A man holds a sign reading “I am furious” during a demonstration last week in front of the Sejm building in Warsaw. (Marcin Obara/European Pressphoto Agency)

If an illiberal government — democratically elected, but determined to change the rules — tries to do something unconstitutional, what can the public do? What can the political opposition do? This is a dilemma we now know from several countries — Russia, Venezuela, Turkey, Hungary, Poland, and possibly soon Greece. The prospects are pretty gloomy, as I’ve argued before, for those who want to stay within the bounds of the law.

One partial answer is peaceful street demonstrations, though that is a frustrating path. Most people don’t have time to stand in a crowd every day or every evening; the chants and speeches can be repetitive; and, more to the point, the government has no obligation to listen. The effort can seem pointless, and it often is — unless it can move the hearts and minds of the leaders of the ruling party. In Poland, over the past week, that’s exactly what just happened.

To briefly recap a complicated story: Poland’s nationalist government had already chalked up a series of constitutional violations and undemocratic decisions, including the politicization of public media, the army, the prosecutor’s office, the civil service and the constitutional tribunal. A few days ago, it passed three laws that would have allowed the current government to dissolve the Supreme Court, fire several dozen judges and replace them with those it preferred.

Mass demonstrations all over the country followed, every night for the past week, in all of the major cities and many small ones, too. Tens of thousands — probably hundreds of thousands — of people sang Pink Floyd, the national anthem, anti-communist protest songs from the 1980s. They stood in front of courthouses with candles. They chanted “Here is Poland” – a riposte to government propaganda that attacked demonstrators as “foreign,” or “traitors,” or “grandchildren of secret police,” paid by George Soros. The majority of the Polish legal community — lawyers, scholars, judges, among them many conservatives — made statements in their support. The sight of so many people on the streets inspired influential foreigners, including Poland’s European Union allies and even the State Department, to comment, too.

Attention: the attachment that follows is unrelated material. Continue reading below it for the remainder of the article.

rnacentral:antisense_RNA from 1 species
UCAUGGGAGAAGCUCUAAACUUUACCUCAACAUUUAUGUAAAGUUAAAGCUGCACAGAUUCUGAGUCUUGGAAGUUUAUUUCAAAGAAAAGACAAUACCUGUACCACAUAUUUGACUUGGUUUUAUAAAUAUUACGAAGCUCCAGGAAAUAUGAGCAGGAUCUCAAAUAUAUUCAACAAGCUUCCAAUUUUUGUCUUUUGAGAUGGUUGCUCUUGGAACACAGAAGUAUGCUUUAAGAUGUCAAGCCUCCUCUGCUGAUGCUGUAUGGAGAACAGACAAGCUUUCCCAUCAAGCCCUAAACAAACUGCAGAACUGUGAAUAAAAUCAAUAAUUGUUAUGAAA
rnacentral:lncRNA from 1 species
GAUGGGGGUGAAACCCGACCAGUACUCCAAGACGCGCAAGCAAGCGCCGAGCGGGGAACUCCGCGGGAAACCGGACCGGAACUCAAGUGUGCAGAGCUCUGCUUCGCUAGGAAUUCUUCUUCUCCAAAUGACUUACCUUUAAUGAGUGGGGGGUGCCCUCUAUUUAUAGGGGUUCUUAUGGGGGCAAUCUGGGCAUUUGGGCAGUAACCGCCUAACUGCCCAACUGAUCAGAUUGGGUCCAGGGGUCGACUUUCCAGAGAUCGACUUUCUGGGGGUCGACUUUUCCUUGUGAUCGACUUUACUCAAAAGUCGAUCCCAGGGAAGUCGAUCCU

The government and the parliamentary majority were unmoved. But Poland’s president, Andrzej Duda, was shaken. Although, unlike his French or American equivalents, the Polish president has very restricted powers, one of them is the ability to veto laws. Duda owes his job to the ruling party’s leader and had been very reluctant to use even that small power in the past. He was directly complicit in the undermining of the Constitutional Tribunal, the decision that began this chain of events.

But the sight of his compatriots on the streets appears to have unnerved him. He has now vetoed two of the three controversial laws. The instant dissolution of the Supreme Court has, at the very least, been postponed.

The story is not over, of course. The lower courts — affected by the one law the president did not veto — are still in danger. The laws will now go back to Parliament, where they may receive nothing more than superficial alterations before being submitted again. The state media, which at one point told its viewers that the demonstrators wanted the Islamicization of Poland, will go on lying about what has just happened.

But at least for a few days, the people who dedicated their evenings over the past week to this cause can congratulate themselves on an achievement. At the end of the day, the point of demonstrations is not to reinforce the views of people who already share them, but to reach across the aisle and convince those who don’t. And, just this once, they succeeded.